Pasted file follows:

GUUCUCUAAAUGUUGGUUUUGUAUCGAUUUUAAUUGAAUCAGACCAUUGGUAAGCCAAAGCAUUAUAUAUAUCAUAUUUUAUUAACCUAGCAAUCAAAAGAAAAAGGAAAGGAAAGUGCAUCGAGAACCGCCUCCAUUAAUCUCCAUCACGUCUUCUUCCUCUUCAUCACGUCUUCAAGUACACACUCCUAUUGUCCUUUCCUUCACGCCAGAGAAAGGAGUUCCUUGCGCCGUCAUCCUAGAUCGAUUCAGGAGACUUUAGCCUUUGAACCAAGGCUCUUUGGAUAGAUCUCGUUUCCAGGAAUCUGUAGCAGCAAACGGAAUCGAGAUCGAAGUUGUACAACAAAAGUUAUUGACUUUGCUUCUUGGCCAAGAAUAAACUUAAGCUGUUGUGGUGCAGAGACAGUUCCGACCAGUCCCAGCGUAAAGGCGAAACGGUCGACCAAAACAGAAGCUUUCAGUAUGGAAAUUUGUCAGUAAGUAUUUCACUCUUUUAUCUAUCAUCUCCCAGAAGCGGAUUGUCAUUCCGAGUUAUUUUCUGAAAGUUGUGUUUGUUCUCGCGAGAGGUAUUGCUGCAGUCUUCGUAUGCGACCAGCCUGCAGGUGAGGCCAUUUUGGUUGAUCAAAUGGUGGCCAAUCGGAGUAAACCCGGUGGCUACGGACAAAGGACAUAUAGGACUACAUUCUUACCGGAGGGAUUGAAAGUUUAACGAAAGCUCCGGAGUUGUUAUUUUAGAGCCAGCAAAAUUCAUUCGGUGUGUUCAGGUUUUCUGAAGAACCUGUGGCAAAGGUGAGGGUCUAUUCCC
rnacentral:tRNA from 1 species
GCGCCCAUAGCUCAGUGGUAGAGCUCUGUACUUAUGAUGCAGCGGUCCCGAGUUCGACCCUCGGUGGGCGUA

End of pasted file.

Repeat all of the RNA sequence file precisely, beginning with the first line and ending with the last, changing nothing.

GUUCUCUAAAUGUUGGUUUUGUAUCGAUUUUAAUUGAAUCAGACCAUUGGUAAGCCAAAGCAUUAUAUAUAUCAUAUUUUAUUAACCUAGCAAUCAAAAGAAAAAGGAAAGGAAAGUGCAUCGAGAACCGCCUCCAUUAAUCUCCAUCACGUCUUCUUCCUCUUCAUCACGUCUUCAAGUACACACUCCUAUUGUCCUUUCCUUCACGCCAGAGAAAGGAGUUCCUUGCGCCGUCAUCCUAGAUCGAUUCAGGAGACUUUAGCCUUUGAACCAAGGCUCUUUGGAUAGAUCUCGUUUCCAGGAAUCUGUAGCAGCAAACGGAAUCGAGAUCGAAGUUGUACAACAAAAGUUAUUGACUUUGCUUCUUGGCCAAGAAUAAACUUAAGCUGUUGUGGUGCAGAGACAGUUCCGACCAGUCCCAGCGUAAAGGCGAAACGGUCGACCAAAACAGAAGCUUUCAGUAUGGAAAUUUGUCAGUAAGUAUUUCACUCUUUUAUCUAUCAUCUCCCAGAAGCGGAUUGUCAUUCCGAGUUAUUUUCUGAAAGUUGUGUUUGUUCUCGCGAGAGGUAUUGCUGCAGUCUUCGUAUGCGACCAGCCUGCAGGUGAGGCCAUUUUGGUUGAUCAAAUGGUGGCCAAUCGGAGUAAACCCGGUGGCUACGGACAAAGGACAUAUAGGACUACAUUCUUACCGGAGGGAUUGAAAGUUUAACGAAAGCUCCGGAGUUGUUAUUUUAGAGCCAGCAAAAUUCAUUCGGUGUGUUCAGGUUUUCUGAAGAACCUGUGGCAAAGGUGAGGGUCUAUUCCC
rnacentral:tRNA from 1 species
GCGCCCAUAGCUCAGUGGUAGAGCUCUGUACUUAUGAUGCAGCGGUCCCGAGUUCGACCCUCGGUGGGCGUA